Geographical Indications (GIs) are a ‘make or break’ issue for the European Union (EU) in its trade negotiations. As Australia has recently commenced trade negotiations with the EU, understanding EU perspectives on GIs is essential. The ANU Centre for European Studies (ANUCES) has recently completed a project, with the support of the Erasmus+ Programme of the European Union, identifying the empirical evidence on the real-world impact of GI labelling.
The seminar will commence with a presentation explaining what GIs are, how EU GI policy works, and why the USA and Australia have to date resisted introducing EU-style GIs. Adjunct Associate Professor Hazel Moir will consider the GI outcomes in three recent EU treaties – Korea, Canada and Vietnam. The EU demand on GIs in the current negotiations with Australia will be compared with the outcome in the Canada-EU Comprehensive Economic and Trade Agreement (CETA).
John Power will respond to this presentation, opening the floor for further discussion. Irena Obadovic will also make comments on the presentation from the broader perspective of agricultural trade negotiations.
Wenting Cheng will give a presentation on China’s long history associating high quality products with specific locations. She will also discuss the way in which China has managed conflicting GI pressures from the USA and the EU. Australia will need to manage a similar balancing act in its current trade negotiations with the EU.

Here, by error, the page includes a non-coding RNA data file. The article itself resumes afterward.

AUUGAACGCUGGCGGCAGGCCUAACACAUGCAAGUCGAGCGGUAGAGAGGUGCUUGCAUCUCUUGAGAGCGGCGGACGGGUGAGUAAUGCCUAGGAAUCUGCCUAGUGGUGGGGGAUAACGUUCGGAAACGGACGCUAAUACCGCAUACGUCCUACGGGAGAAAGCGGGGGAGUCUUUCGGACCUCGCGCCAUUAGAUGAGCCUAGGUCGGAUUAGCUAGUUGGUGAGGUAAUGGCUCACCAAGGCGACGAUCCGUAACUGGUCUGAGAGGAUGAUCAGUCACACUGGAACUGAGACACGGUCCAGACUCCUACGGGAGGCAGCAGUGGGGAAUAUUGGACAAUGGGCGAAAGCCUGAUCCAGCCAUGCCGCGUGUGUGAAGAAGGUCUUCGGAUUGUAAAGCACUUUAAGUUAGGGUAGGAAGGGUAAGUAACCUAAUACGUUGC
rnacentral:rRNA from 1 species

A light lunch will be provided.
Hazel V. J. Moir is an Adjunct Associate Professor at the ANU Centre for European Studies and has recently completed a major project gathering and evaluating the empirical evidence on the economic impact of GIs. The report from this study is available on the ANUCES website: https://bit.ly/2E0Dzau
Wenting Cheng is a Visiting Fellow at the ANU Centre for European Studies, and recently completed a PhD at the School of Regulation and Global Governance (RegNet) in the ANU College of Asia and the Pacific.
John Power is Director, EU FTA and GIs, Agricultural Policy Division, Department of Agriculture and Water. He is closely involved in negotiations with the EU on the potential trade treaty with Australia.
Irena Obadovic has recently completed her PhD at the National Centre for Research on Europe, Canterbury University, New Zealand. Her area of expertise is New Zealand and the EU trade relations particularly in relation to agricultural trade.